After this meeting, Murray discussed the instruction with Brooks, Dr. Christie, and her practice office manager, Susan Allen, stating that she did not think it was a good idea because patients would be upset. Murray also expressed concern to Brooks that such referrals would violate federal Stark law, which prohibits doctors from making referrals to entities in which they have a financial interest and submitting claims for such services for payment under Medicare or Medicaid, [3] given that the hospital and APS were both owned by the same corporation. See generally 42 USC § 1395nn (a), (g).

         In response to Murray's concern, Brooks stated she would talk to Studley. Within the next few days, Brooks told Murray to "just ignore" Studley's new rule, that Brooks thought Studley had been mad when he gave the instruction, and that Studley had "taken that back."

         In an e-mail dated July 20, 2013, Polite advised Studley that Trinity Hospital and APS needed to eliminate between 45 to 50 positions, leading Studley to impose a reduction in force. About 20 people, including Murray and one of her staff members, were terminated in the reduction. Studley estimated he saved about 30 other jobs by terminating Murray, although he could not identify which specific jobs were saved.

         Although Studley stated that Murray's termination was part of the reduction in force, he later gave conflicting explanations for Murray's termination, including that he terminated Murray because of (1) financial concerns after she repeatedly fell below performance expectations, (2) concerns about her overhead and expenses because she was not generating enough revenue to defray her contribution towards those costs, (3) complaints from patients that they experienced long wait times, (4) concerns that Murray treated her Medicaid patients differently from other patients, and (5) a contract dispute or failed contract negotiations. Studley told Murray that "the corporation" was forcing him to fire her, along with many other people. However, after Murray's termination, there was an advertisement for an OB/GYN position at Trinity Hospital.

         Following her termination, Murray was unable to join another practice in the Augusta area, and she requested a letter of recommendation from Studley to facilitate her job search elsewhere. Studley refused to provide a letter because Murray had not signed a release of information, per hospital policy. Dr. Allan Joseph, who was chair of the OB/GYN Department at Trinity Hospital, a member of the hospital medical executive committee, and a member of the hospital board, approached Studley to discuss writing a letter for Murray. During this meeting, Joseph asked Studley about Murray's termination. Studley told Joseph that he could not discuss all the reasons, but he had been concerned that Murray had treated patients covered by Medicaid less favorably. Studley also told Joseph that Murray had been on probation prior to her termination, and that Murray was aware of his concerns. Nevertheless, Studley agreed to allow Joseph to write Murray a letter of recommendation on hospital letterhead.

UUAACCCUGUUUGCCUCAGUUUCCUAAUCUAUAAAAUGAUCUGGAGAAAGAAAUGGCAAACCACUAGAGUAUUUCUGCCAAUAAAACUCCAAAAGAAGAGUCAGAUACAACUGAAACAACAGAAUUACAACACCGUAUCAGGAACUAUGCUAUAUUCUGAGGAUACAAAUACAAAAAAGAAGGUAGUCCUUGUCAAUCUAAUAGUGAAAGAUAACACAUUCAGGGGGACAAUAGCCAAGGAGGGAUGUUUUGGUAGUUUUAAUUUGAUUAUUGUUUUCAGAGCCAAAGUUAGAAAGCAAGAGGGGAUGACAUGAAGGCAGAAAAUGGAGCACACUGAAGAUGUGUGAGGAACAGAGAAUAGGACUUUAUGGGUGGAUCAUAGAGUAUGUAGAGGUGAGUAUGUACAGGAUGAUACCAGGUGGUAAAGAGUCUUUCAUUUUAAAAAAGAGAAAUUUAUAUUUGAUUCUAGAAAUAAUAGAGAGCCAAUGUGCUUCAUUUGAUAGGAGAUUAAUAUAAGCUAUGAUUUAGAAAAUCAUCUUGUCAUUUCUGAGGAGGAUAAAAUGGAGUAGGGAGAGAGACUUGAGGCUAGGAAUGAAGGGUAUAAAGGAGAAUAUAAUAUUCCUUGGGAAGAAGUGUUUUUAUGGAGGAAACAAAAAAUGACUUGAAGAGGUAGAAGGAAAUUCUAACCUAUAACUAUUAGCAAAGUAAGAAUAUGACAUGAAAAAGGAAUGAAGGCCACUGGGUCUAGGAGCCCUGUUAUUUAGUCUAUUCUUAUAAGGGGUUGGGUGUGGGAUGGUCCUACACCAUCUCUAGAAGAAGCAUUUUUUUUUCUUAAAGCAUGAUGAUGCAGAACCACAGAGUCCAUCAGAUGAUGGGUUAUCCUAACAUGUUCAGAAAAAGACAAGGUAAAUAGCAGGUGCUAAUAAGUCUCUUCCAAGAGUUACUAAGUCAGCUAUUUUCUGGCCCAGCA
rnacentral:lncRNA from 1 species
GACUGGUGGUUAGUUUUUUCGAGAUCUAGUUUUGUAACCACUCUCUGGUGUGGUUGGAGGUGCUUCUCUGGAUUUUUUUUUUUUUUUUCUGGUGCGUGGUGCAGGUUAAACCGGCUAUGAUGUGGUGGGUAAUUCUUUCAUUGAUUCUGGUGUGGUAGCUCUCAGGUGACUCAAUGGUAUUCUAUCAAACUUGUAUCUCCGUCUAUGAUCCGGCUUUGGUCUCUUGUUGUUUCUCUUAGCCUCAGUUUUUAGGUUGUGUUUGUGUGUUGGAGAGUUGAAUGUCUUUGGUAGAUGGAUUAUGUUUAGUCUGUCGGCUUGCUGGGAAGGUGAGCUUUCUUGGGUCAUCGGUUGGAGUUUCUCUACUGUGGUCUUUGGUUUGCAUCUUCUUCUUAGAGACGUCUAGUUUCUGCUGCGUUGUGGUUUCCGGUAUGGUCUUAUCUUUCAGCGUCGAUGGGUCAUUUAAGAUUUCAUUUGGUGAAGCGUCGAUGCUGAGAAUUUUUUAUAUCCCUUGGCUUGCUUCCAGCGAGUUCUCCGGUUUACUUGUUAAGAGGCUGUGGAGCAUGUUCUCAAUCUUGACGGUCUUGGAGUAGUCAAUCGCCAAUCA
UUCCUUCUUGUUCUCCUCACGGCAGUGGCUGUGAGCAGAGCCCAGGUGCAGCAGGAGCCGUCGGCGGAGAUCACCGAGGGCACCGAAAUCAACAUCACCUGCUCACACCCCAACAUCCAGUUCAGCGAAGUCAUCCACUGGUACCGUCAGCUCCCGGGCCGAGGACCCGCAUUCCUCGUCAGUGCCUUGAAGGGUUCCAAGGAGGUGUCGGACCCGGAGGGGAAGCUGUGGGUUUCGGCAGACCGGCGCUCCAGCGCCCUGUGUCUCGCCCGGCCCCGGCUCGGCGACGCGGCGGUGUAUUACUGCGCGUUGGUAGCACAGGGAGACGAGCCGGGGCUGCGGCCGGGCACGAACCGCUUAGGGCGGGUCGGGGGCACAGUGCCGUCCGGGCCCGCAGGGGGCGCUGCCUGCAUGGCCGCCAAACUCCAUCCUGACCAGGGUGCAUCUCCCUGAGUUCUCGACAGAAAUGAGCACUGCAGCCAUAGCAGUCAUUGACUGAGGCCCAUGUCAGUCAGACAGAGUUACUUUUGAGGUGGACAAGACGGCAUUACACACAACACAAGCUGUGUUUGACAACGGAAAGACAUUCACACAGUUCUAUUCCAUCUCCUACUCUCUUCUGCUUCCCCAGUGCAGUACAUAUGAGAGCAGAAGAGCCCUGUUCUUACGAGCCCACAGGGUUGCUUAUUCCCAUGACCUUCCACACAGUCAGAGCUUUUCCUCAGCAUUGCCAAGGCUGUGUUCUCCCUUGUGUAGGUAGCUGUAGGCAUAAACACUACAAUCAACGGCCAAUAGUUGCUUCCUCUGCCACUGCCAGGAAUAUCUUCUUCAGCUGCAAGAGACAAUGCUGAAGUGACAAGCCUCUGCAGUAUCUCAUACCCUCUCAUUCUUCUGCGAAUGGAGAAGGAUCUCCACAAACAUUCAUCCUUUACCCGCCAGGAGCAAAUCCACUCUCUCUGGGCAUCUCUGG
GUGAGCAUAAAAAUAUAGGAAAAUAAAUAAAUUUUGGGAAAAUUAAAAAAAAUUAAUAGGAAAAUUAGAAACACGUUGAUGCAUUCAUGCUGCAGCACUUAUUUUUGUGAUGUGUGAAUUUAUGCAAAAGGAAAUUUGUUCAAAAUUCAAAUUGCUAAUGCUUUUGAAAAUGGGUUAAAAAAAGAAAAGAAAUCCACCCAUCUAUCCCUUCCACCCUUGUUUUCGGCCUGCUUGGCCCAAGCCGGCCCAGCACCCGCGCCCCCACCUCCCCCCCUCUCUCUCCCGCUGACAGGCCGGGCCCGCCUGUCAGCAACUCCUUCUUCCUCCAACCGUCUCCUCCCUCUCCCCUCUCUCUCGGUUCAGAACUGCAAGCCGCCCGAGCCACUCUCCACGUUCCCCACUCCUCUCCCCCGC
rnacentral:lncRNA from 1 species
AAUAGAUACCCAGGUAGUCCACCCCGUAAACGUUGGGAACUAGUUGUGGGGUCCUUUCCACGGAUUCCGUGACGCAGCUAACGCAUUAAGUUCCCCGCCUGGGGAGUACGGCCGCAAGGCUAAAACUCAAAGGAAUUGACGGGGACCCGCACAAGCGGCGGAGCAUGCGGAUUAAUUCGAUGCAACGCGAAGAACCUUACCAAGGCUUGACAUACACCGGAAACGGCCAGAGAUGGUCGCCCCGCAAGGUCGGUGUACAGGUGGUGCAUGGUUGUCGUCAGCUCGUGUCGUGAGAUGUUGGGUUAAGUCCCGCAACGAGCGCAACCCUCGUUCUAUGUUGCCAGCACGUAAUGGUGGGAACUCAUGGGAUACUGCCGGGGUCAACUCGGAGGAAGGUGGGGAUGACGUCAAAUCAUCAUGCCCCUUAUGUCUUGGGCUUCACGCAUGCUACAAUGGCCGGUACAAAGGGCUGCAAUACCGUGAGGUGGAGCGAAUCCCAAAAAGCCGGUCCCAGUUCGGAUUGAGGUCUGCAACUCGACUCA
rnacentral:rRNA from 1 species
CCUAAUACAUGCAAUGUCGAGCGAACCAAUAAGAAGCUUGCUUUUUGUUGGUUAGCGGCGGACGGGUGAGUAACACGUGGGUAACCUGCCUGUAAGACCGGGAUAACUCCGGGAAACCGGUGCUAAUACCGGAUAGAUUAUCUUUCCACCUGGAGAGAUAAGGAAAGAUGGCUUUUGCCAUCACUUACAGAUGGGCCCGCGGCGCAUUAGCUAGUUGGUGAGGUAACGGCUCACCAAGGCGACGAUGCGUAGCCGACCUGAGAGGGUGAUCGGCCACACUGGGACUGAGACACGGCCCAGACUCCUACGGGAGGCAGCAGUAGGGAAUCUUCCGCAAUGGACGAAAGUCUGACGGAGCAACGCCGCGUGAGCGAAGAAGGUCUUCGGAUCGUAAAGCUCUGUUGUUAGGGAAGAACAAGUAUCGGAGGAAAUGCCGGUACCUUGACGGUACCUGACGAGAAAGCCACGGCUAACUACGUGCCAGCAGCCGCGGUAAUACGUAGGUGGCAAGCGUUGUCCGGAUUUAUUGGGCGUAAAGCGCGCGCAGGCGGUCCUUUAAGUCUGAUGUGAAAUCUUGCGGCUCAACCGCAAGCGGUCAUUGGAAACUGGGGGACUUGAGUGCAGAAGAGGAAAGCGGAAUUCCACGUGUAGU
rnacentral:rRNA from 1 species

Dr. Wendy Davis, a general surgeon who sometimes referred patients to Murray and was friendly with Murray socially, also spoke with Studley about Murray's termination. Davis initiated this conversation in the doctor's lounge, but no one else was present at the table. In this discussion, Studley allegedly mentioned that he had been concerned that Murray was treating her Medicaid patients less favorably. However, Studley denied making such a statement. The trial court granted summary judgment to all defendants on all claims, and this appeal followed.

         Before turning to the merits of Murray's claims on appeal, we briefly set out the federal statutory scheme known as the Stark Act. The Stark Act prohibits healthcare entities from submitting Medicare claims for payment based on patient referrals from physicians having a "financial relationship" with the entity. 42 USC § 1395nn. The Act also prohibits a healthcare entity from presenting or causing to be presented a Medicare claim for services furnished pursuant to a prohibited self-referral. 42 USC § 1395nn (a) (1) (B). Notably, there are various safe harbor provisions that permit certain self-referrals under specific conditions, including bona fide employment relationships. See 42 USC § 1395nn (b), (e) (2). However, even in the context of a bona fide relationship, the compensation arrangement between the physician and the health care entity must "not [be] determined in a manner that takes into account (directly or indirectly) the volume or value of any referrals by the referring physician." 42 USC § 1395nn (e) (2) (B) (ii). With this framework in mind, we turn to Murray's claims for retaliation and defamation.

         1. Retaliation

         Murray argues that she was terminated in retaliation for her complaint about conduct she believed to ...